It took the semiconductor industry over a decade to prep everything needed for production of chips using extreme ultraviolet (EUV) lithography. It looks like it is going to take a lot less to reach the next level — EUV with High-NA.
Higher Resolution Needed
Nowadays the most advanced chips are made on 5/4-nm-class process using EUV lithography ASML’s Twinscan NXE:3400C (and similar) systems that feature a 0.33 numerical aperture (NA) optics, which provides a 13 nm resolution. This resolution is good enough for a single-pattern approach at 7 nm/6 nm nodes with 36 nm ~ 38 nm pitches and at 5nm with 30 nm ~ 32 nm pitches. But as pitches get below 30 nm (at beyond 5 nm nodes) the 13 nm resolution might call for dual lithographic exposure that is going to be used for years to come.
For post-3nm nodes, ASML and its partners are working on a brand-new EUV tool — the Twinscan EXE:5000-series — featuring a 0.55 NA (High-NA) lens capable of an 8nm resolution, which is projected to avoid multipatterning at 3 nm and beyond. The new High-NA scanners are still in development, they are expected to be extremely complex, very large, and expensive — each of them will cost over $400 million. High-NA will require not only new optics, but a new light source too, and even new fab buildings to accomodate the larger machines, which will require major investments.
But in a bid to keep scaling performance, power, area, and costs (PPAc) of semiconductors, leading makers of logic chips and memory devices are willing to adopt new technologies, and High-NA EUV scanners are crucially important for post 3-nm nodes. As a result, demand for High-NA tools is, well, pretty high.
10 to 20 High-NA Systems to Be Delivered
Several weeks ago, ASML disclosed that it had received multiple orders in Q1 2022 for its High-NA Twinscan EXE:5200 systems (EUV 0.55 NA) from both logic and DRAM customers. Last week it clarified that it had five orders for pilot High-NA scanners due to be delivered in 2024 and ‘over five’ orders for subsequent models featuring higher productivity that will be delivered starting from 2025, reports Reuters.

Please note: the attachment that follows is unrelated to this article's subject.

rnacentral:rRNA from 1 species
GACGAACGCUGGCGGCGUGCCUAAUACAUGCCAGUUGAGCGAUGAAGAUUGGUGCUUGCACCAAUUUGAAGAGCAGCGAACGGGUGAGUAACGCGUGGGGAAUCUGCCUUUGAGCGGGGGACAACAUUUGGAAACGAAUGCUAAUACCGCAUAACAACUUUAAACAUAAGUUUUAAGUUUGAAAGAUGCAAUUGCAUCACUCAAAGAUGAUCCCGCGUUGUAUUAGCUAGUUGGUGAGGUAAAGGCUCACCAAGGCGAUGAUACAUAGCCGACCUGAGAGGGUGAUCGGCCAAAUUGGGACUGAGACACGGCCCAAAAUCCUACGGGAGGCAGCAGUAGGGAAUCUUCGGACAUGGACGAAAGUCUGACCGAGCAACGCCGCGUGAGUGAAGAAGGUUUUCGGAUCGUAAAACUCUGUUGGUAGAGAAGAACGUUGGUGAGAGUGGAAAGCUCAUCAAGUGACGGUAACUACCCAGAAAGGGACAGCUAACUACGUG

Interestingly, back in 2020 ~ 2021, ASML said that it had has received High-NA commitments from three customers, for a total of up to 12 systems. Keeping in mind that logic makers are usually the first to adopt leading edge tools, it is safe to bet that Intel, Samsung Foundry, and TSMC committed in 2020 ~ 2021 to get pre-production High-NA scanners. Moreover, ASML has already started building the first High-NA system, which will be completed in 2023 and will be used by Imec and ASML customers for research and development purposes.
“On High-NA EUV, we are making good progress and have currently started the integration of the first High-NA system in our new cleanroom in Veldhoven,” said Peter Wennink, chief executive of ASML. “We received multiple orders for our EXE:5200 system in Q1. We also received additional EXE:5200 orders this month, April. With these bookings, we now have High-NA orders from three Logic and two Memory customers. The EXE:5200 is ASML’s next model High-NA system and will provide the next step for lithography performance and productivity.”
ASML’s Twinscan EXE:5200 is considerably more complex than regular Twinscan NXE:3400C machines, so it takes longer time to build these tools. The company hopes that it will be able to deliver as many as 20 High-NA systems in mid-term future, which probably means that its customers will have to compete for these machines.
“We are also discussing with our supply chain partners to secure a capacity of around 20 EUV 0.55NA systems in the medium term,” said Wennink.
Intel First to Adopt Pre-Production Tools
So far, the only process technology confirmed to use ASML’s High-NA tools is Intel’s 18A node and that one was once scheduled to enter high-volume production in 2025, around the time when ASML starts to deliver its production High-NA EUV systems. But recently Intel pulled-in the start of18A production to the second half of 2024 and indicated that it could use ASML’s Twinscan NXE:3600D or NXE:3800E for its 18A manufacturing, presumably via multi-patterning.
While Intel’s 18A technology would greatly benefit from High-NA EUV tools, it looks like Intel does not necessarily need Twinscan EXE:5200 machines for this node. Usage of multi-patterning for commercial chips means a longer product cycle, lower productivity, higher risks, and potentially lower yields (though the latter is not cast in stone). Yet, it looks like Intel wants its 18A node to arrive as soon as possible, perhaps because it considers it a major tool that will allow it to recapture process technology leadership from TSMC. Consequently, Intel’s updated plans are now to phase in High-NA tooling during 18A’s lifecycle if the tools are completed on time.
Of course, it remains to be seen whether usage of 0.33 NA EUV scanners for 18A will offer enough productivity for Intel and customers of Intel Foundry Services. But, at least in 2024, Intel is not going to have any choice but to use machines that it has.
Other leading makers of semiconductors — TSMC, Samsung, SK Hynix, and Micron — will also inevitably adopt High-NA EUV for high-volume manufacturing of chips. The only question is when exactly this is when exactly this is set to happen.